Today, I spent most of the day with a kid that, for the last 183 school days, has been my nemesis.
I fully realize that as a teacher, the politically correct thing to say is, "I love ALL my students. ALL my students are precious and wonderful. I love them, and they love me." And then, like all "good" teachers, I'd take off my apple sweater and broomstick skirt and schoolbus earrings and go get good and drunk.
But I'm not just a teacher. I'm a human. And you're a human. And don't a few other humans, be they 13 or 31, just bug the ever-loving shit out of you? If you say they don't, then you're a mother-effing liar. Or you're Mother Teresa. But let's face it, I bet even Mother Teresa knew a few jackasses. She just had more self-restraint than 99.9% of the world's population. This is why she's Mother Teresa.
But, back to my nemesis.
This morning, he, of course, did not have a signed permission slip to go to the zoo with the other 450 7th graders. After a deep breath and an eye roll or two, I told him he could call home, and I could take verbal permission from his mother, who, oh, by the way, is a total nutball. Seriously, she's cussed out, hung up on, and threatened the jobs of like 5 of our teachers, including me. She's refused to show up to parent-teacher meetings, dodged conference calls, and told me by phone that "while he's at school, he's YOUR problem." Needless to say, I was not ready to put up with her shit so early in the morning. Before my Diet Coke.
I was nervous.
While he was begging her.... BEGGING her... on the phone for permission (and I'm listening to his end of the conversation and watching him shake with nervousness), this kid reveals that he wants to go today because he's never been to the zoo. Ever. Not once. Because she's never taken him. Right then and there, my mission became: getting this little rat bastard to the zoo. Because -- even little rat bastards should go to the zoo. Fo' reals, the Fort Worth Zoo is flipping awesome, and every kid should go. Every. single. one. I got on the phone, managed to get permission without getting cussed out, and made my nemesis's day. Then I switched his group to my group in hopes of keeping him out of trouble and keeping the other group leader mildly un-crazy. Chances of either of us having a great time = doubtful.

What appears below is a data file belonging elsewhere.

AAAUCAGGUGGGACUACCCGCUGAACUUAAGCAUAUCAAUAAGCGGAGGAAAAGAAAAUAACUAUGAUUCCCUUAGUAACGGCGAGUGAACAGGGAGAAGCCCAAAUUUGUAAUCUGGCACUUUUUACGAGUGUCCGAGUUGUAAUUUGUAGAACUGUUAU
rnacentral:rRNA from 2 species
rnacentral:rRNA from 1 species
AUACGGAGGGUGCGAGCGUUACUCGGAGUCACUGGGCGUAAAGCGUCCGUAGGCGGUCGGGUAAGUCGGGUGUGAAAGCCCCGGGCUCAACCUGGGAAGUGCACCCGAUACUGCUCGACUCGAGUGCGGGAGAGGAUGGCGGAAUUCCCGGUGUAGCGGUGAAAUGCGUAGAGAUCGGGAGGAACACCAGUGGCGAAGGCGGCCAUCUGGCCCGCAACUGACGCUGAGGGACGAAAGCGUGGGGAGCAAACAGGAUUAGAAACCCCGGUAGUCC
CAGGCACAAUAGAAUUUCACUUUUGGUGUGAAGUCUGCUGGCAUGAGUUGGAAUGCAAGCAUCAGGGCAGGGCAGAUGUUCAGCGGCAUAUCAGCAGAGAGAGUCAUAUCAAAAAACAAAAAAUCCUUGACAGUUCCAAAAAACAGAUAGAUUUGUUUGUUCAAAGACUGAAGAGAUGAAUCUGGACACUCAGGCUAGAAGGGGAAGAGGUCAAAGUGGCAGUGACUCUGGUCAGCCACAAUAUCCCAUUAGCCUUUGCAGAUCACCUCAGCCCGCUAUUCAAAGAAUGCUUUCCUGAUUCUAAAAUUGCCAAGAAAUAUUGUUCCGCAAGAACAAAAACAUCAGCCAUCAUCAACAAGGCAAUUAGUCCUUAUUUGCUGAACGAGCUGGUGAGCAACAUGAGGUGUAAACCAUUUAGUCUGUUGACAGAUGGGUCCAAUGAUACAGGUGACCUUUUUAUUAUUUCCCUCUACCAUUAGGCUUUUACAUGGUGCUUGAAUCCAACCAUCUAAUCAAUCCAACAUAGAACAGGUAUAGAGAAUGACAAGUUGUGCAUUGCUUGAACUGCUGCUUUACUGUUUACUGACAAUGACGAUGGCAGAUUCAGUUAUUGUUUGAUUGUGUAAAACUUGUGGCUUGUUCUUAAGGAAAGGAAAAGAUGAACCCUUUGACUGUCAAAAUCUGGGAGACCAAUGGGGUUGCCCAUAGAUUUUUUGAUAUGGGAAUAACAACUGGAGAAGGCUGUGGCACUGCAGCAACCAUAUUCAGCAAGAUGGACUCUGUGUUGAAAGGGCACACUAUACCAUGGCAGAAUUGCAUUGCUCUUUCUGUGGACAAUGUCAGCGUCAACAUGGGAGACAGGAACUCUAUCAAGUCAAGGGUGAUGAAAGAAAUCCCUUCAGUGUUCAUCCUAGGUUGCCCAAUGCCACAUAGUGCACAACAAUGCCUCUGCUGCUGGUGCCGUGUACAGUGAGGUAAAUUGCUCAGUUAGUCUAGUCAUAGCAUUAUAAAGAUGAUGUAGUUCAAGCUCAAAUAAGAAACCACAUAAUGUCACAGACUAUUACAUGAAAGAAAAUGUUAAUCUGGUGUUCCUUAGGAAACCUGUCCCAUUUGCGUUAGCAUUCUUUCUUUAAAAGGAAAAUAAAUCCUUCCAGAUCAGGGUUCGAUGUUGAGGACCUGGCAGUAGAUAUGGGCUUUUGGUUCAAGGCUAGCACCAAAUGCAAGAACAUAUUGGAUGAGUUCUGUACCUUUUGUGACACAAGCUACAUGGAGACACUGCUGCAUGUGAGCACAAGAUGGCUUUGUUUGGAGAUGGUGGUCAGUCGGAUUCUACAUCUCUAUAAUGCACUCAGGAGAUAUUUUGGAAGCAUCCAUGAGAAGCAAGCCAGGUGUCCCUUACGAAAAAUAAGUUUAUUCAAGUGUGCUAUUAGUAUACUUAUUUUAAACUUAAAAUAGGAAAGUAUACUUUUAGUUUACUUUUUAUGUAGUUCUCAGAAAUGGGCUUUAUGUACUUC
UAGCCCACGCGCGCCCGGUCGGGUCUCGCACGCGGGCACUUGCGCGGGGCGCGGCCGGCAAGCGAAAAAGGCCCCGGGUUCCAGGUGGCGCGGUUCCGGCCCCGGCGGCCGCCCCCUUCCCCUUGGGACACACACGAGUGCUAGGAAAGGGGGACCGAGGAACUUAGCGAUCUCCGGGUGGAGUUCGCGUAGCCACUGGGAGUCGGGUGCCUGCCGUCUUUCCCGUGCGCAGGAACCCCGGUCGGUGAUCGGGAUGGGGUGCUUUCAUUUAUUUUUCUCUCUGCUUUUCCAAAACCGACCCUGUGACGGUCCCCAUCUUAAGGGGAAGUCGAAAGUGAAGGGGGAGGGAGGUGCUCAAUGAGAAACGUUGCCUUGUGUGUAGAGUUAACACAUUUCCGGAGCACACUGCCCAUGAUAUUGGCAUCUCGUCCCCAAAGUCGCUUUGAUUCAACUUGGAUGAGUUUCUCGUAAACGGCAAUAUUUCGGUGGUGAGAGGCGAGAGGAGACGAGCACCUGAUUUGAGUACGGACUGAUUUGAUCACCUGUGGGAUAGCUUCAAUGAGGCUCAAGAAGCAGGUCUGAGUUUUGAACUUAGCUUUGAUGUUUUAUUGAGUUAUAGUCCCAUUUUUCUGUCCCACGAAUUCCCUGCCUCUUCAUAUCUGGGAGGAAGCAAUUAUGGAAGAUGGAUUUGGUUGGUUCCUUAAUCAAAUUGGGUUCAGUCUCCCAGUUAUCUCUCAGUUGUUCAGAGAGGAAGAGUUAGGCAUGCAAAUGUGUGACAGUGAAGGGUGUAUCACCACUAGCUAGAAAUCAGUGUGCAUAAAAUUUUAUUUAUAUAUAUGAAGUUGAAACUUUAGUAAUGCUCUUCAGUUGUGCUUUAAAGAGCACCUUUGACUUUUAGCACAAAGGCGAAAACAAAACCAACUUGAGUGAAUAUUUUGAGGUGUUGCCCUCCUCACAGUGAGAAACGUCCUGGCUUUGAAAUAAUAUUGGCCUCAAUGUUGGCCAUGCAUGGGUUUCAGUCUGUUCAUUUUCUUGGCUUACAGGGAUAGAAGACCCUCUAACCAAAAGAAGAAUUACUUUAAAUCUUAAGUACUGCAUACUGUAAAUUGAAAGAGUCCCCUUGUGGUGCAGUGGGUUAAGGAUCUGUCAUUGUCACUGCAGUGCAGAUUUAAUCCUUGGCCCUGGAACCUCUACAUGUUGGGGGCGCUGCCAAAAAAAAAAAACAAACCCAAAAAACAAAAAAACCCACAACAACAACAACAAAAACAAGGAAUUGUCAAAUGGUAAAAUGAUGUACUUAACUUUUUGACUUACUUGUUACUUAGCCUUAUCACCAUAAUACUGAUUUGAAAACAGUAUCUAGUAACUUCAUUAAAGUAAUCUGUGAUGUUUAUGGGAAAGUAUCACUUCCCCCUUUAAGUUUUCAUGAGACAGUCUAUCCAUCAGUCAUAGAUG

I felt insane.
On the way, another kid (who'd also never been to the zoo... or Six Flags... or Wet 'n' Wild... or Chuck E. Cheese... or even to Putt-Putt) nearly barfed on me because she was carsick and hungry because she didn't have breakfast. If I didn't know her story, I'd have thought she was faking it to get the peanut butter cookie in my bag. But she wasn't faking, and she got the cookie.
And I was sad (not for my cookie. for her. I'm human but not an a-hole.)
In fact, THREE of my kids had never been to the zoo. That's 30% of my group that had never traveled the 11 miles to see one of my city's favorite attractions.
I was appalled.